Editor’s Note: ‘Along the Trail’ is a weekly column written by David Hewitt of Switzerland County; and covers all things dealing with the outdoors, from hunting and fishing to woodsmanship.
A blustery wind hit my face as I cruised across the open fescue field making for the tree line…
Once inside the trees, I sneaked my way down into the dark holler. Snow still blanketed the shaded hillside adding a chill to the air.
Once settled in my perch, I surveyed around and took in the beauty of the December woods. My hillside rarely sees sunlight. It’s a thick tangle of Osage, wild cherry and twisted walnut trees tied together under a canopy of grapevines. The bottom of the draw is lined with massive Sycamores that reach nearly the height of the top of the hill, but for the most part, the secluded spot stays, cool, damp and dark. It’s littered with parallel deer trails crossing the hill from one end to the other. Not an easy place to hunt and the shooting lanes are tight, but it’s a good place to sit if you can be patient enough.
This afternoon’s hunt was more about “sitting” than it was hunting…Gun season is over and the smokepole fellows have taken to the woods with their muzzle loaders. I really didn’t have any expectations for my longbow, but it was good to be in the woods. It’s not often that we get to enjoy a deer hunt in the snow in our part of the country. Typically, I’m done with deer by December, but the chase for a buck has me still after it, so I’m hoping to use the snow to my advantage.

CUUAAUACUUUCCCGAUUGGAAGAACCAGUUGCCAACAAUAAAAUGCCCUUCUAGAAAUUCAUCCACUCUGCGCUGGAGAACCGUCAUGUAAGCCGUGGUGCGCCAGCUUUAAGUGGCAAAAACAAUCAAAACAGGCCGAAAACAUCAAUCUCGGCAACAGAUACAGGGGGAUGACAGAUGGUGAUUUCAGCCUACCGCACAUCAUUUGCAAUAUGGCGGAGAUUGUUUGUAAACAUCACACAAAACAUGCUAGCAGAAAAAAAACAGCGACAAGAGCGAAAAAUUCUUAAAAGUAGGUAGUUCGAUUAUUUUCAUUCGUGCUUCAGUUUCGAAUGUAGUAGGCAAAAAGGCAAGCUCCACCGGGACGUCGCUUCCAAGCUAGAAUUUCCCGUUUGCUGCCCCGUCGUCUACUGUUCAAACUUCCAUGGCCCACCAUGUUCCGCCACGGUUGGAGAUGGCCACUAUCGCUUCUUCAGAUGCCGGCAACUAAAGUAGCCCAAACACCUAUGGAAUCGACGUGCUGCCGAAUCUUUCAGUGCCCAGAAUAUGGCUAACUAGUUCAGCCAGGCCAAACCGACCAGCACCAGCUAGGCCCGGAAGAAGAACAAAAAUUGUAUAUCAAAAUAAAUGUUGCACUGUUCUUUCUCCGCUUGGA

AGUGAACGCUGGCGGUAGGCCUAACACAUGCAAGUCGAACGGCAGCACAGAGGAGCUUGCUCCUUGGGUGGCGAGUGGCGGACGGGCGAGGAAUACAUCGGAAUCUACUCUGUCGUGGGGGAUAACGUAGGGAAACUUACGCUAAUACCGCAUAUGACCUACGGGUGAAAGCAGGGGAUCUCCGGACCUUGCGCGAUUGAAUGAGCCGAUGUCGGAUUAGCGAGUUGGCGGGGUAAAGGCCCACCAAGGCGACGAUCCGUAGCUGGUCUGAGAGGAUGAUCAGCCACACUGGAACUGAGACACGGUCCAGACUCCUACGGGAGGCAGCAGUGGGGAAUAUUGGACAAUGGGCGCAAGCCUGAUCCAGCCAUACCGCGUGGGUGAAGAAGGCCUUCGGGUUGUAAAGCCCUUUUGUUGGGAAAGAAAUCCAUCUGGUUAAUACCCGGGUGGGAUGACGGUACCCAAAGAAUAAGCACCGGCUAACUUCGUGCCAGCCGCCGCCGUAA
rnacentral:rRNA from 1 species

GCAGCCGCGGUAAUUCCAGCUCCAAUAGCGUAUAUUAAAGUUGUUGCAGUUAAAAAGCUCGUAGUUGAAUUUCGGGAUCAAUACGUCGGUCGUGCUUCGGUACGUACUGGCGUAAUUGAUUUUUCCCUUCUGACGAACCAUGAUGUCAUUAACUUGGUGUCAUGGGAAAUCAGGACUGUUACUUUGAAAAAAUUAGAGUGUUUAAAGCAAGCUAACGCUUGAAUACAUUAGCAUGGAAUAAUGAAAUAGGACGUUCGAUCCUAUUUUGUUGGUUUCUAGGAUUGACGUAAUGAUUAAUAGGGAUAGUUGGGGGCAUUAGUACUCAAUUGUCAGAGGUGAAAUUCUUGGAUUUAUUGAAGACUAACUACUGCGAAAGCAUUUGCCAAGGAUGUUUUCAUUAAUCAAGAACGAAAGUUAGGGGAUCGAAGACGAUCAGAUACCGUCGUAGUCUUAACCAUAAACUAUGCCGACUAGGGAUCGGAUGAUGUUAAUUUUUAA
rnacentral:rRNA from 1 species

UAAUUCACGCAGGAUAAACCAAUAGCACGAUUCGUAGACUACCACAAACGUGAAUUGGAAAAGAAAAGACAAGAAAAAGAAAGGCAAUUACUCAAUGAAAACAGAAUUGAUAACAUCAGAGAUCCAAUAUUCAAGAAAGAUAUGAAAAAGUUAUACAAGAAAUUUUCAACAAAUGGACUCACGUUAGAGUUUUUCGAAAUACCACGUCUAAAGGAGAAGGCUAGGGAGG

The fresh snow acts as a muffler in the woods. The noises are damped, softened a little. The wind kicking up at the top of the hill is almost non-existent down near the bottom of the drainage. Two black ribbons wind across the hillside, evidence that the deer have been using the trails since the snow of last night. The bird life is alive with songs and a group of sparrows spat over the seeds from a mashed hedge apple. A noisy blue jay has lit in a tree next to me and is doing his best to make it known that I’m not supposed to be here and warns every animal within earshot that something is amiss.
Afternoon slowly creeps into evening and the dark holler, becomes even darker. A faint crunch on the ground perks my ears.
I strain to hear it again….
There. A footstep, definitely an animal moving. Through the fading light and the thick undergrowth, I can make out movement on the ground….
“A deer?”, goes through my head.
A small patch of white and gray and the culprit finally comes into view, a huge opossum waddling along the deer trail 25 yards away. I watch as it makes it’s way along the hillside, stopping every so often to check the breeze for any foreign smells. He crosses one of my shooting lanes and I mock draw my bow and let the fella pass without harm. He side steps on down the hill and disappears into the spice bushes and pawpaws.
The snow has allowed me to sit a little longer than normal and has almost brought a glow to normally dank, dark valley I’m hunting, but the clock says it’s time to pack up and the chill has gotten to me. I lower my gear to the ground and make my way up the steep hillside, the briars snagging at my clothes and the snow crunching under my boots. I crest the top and cut across the hayfield.
Once back at my truck, I glance back and catch the last of the cold sunset. No, there wasn’t a deer seen or an arrow launched, but my soul is renewed and this hunt was a success.
– David Hewitt